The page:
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Arch Dermatol. 2007 Dec;143(12):1536-42.

A comparison of oral methylprednisolone plus azathioprine or mycophenolate mofetil for the treatment of bullous pemphigoid.

Author information

1
Department of Dermatology, Von-Esmarch-Strasse 58, D-48149 Münster, Germany. beisser@uni-muenster.de

Abstract

OBJECTIVE:

To investigate the safety and efficacy of oral methylprednisolone combined with azathioprine sodium or mycophenolate mofetil for the treatment of bullous pemphigoid.

DESIGN:

A prospective, multicenter, randomized, nonblinded clinical trial to compare 2 parallel groups of patients with bullous pemphigoid undergoing different treatments.

SETTING:

Thirteen departments of dermatology in Germany.

PATIENTS:

Patients with bullous pemphigoid (n = 73) as evidenced by clinical lesions suggestive of bullous pemphigoid, signs of subepidermal blistering on histologic analysis of skin biopsy specimens, linear deposition of IgG and C3 along the dermoepidermal junction, and deposition of autoantibodies at the blister roof in split-skin analysis.

INTERVENTIONS:

Treatment with oral methylprednisolone plus azathioprine (azathioprine group) or oral methylprednisolone plus mycophenolate mofetil (mycophenolate mofetil group).

MAIN OUTCOME MEASURES:

The cumulative total methylprednisolone doses and rates of remission. Secondary outcome measures were safety profiles and duration of remission.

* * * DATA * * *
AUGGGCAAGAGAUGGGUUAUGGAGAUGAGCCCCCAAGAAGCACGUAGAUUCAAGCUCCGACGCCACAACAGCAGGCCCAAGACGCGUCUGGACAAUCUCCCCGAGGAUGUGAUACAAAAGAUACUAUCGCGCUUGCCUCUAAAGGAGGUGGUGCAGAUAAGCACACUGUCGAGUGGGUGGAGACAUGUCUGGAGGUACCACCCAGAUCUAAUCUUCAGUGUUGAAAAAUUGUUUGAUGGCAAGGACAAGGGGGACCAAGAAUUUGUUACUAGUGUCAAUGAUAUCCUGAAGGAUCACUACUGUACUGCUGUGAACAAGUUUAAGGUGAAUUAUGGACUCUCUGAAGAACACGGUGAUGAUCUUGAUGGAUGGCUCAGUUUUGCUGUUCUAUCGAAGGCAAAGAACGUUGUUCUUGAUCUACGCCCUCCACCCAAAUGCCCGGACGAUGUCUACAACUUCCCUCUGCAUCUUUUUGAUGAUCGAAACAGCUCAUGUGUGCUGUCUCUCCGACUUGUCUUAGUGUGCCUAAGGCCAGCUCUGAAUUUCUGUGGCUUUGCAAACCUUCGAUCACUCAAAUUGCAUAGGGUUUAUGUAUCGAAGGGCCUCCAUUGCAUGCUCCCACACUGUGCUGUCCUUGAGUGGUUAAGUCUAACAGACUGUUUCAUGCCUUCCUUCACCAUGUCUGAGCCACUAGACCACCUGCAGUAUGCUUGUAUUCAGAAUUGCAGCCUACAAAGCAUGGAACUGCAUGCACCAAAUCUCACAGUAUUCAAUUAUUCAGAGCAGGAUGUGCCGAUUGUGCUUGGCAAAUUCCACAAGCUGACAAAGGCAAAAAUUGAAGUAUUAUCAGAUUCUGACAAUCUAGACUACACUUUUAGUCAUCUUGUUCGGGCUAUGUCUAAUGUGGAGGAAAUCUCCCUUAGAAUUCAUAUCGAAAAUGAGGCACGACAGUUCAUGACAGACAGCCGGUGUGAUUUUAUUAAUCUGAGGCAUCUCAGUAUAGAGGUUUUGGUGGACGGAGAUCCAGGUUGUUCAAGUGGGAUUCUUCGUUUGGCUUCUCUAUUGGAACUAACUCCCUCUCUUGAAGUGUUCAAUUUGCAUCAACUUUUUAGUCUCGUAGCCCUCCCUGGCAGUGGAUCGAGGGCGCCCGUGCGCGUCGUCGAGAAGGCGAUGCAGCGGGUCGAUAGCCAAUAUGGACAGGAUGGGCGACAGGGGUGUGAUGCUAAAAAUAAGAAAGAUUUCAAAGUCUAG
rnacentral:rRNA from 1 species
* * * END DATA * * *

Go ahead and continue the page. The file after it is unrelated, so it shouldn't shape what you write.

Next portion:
RESULTS:

In 38 of 38 patients in the azathioprine group (100%), complete remission was achieved after a mean +/- SD of 23.8 +/- 18.9 days vs 42.0 +/- 55.3 days for 35 of 35 patients in the mycophenolate mofetil group (100%). In the azathioprine group, the median +/- SD total cumulative methylprednisolone dose used was 4967.0 +/- 12 190.7 mg vs 5754.0 +/- 9692.8 mg in the mycophenolate mofetil group. Nine of 38 patients in the azathioprine group (24%) experienced grade 3 or 4 adverse effects vs 6 of 35 patients in the mycophenolate mofetil group (17%). Azathioprine therapy induced significantly elevated liver function test results compared with mycophenolate mofetil (P < .001). Importantly, patients in the azathioprine group showed significantly higher toxicity grades for aspartate aminotransferase (P = .03), alanine aminotransferase (P = .03), and gamma-glutamyltransferase (P = .01) than did those in the mycophenolate mofetil group.

CONCLUSIONS:

Mycophenolate mofetil or azathioprine demonstrate similar efficacy during treatment of bullous pemphigoid, and similar cumulative corticosteroid doses were given in both treatment arms to control disease. However, mycophenolate mofetil showed a significantly lower liver toxicity profile than azathioprine therapy.

TRIAL REGISTRATION:

ClinicalTrials.gov NCT00431119.

PMID:
18087004
DOI:
10.1001/archderm.143.12.1536
[Indexed for MEDLINE]

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